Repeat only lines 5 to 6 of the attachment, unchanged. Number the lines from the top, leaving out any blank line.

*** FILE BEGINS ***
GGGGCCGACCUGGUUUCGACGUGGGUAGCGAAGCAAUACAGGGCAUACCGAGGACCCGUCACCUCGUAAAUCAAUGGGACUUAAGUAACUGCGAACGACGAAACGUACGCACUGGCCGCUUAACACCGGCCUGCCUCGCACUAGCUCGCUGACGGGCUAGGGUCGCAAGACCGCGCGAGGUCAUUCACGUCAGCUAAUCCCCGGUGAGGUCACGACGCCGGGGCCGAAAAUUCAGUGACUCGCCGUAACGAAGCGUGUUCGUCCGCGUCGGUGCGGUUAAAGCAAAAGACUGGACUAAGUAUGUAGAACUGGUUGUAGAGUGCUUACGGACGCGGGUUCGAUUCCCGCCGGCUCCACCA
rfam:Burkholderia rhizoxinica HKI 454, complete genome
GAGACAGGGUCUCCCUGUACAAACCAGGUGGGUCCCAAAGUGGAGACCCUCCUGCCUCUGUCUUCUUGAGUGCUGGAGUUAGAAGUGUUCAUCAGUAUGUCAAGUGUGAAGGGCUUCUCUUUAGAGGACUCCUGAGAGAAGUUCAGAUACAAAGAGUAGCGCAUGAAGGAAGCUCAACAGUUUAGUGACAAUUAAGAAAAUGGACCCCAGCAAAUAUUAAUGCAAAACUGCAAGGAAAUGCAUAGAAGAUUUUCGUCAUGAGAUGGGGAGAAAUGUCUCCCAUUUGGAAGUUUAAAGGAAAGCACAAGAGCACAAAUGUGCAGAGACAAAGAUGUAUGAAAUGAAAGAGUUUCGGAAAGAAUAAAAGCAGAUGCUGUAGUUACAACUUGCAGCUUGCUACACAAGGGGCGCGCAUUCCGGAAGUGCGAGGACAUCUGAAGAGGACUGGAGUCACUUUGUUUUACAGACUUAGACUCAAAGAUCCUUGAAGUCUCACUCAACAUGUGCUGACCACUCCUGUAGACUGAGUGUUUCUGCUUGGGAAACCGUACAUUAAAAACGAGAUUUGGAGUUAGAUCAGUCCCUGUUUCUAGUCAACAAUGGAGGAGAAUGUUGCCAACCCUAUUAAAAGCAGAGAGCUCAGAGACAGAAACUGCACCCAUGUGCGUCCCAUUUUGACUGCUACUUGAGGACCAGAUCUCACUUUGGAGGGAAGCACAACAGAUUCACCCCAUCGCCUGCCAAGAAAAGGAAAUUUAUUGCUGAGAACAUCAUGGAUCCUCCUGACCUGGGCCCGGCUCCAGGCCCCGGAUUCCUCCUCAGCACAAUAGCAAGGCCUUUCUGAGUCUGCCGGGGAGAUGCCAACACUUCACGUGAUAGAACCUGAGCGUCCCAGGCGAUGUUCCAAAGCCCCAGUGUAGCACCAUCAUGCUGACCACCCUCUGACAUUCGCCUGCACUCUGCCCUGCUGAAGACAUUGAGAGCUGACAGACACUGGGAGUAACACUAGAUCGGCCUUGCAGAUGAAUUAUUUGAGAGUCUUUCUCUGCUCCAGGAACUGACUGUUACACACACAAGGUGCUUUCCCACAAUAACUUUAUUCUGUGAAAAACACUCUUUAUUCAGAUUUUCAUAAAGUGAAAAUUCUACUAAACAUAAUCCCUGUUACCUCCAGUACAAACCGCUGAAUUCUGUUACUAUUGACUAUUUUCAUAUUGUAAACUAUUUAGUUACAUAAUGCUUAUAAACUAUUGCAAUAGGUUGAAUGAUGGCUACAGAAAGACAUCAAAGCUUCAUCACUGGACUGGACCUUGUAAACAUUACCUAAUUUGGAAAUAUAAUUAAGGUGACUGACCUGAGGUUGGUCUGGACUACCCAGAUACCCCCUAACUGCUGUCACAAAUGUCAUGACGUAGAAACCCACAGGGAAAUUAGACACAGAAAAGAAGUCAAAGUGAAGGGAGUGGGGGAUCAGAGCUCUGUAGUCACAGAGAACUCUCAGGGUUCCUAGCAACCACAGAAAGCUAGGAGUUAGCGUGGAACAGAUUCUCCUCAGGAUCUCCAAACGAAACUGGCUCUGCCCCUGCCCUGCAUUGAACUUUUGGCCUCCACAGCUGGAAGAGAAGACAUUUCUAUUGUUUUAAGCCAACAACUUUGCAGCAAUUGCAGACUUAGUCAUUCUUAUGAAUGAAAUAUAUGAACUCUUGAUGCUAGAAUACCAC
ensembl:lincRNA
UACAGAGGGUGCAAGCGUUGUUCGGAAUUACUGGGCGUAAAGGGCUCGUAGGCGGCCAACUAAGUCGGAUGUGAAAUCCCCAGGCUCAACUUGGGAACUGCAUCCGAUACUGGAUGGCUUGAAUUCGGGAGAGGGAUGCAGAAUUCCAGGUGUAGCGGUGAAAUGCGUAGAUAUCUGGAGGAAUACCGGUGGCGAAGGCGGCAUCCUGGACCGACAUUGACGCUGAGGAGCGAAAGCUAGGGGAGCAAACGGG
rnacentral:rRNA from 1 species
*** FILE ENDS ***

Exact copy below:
UACAGAGGGUGCAAGCGUUGUUCGGAAUUACUGGGCGUAAAGGGCUCGUAGGCGGCCAACUAAGUCGGAUGUGAAAUCCCCAGGCUCAACUUGGGAACUGCAUCCGAUACUGGAUGGCUUGAAUUCGGGAGAGGGAUGCAGAAUUCCAGGUGUAGCGGUGAAAUGCGUAGAUAUCUGGAGGAAUACCGGUGGCGAAGGCGGCAUCCUGGACCGACAUUGACGCUGAGGAGCGAAAGCUAGGGGAGCAAACGGG
rnacentral:rRNA from 1 species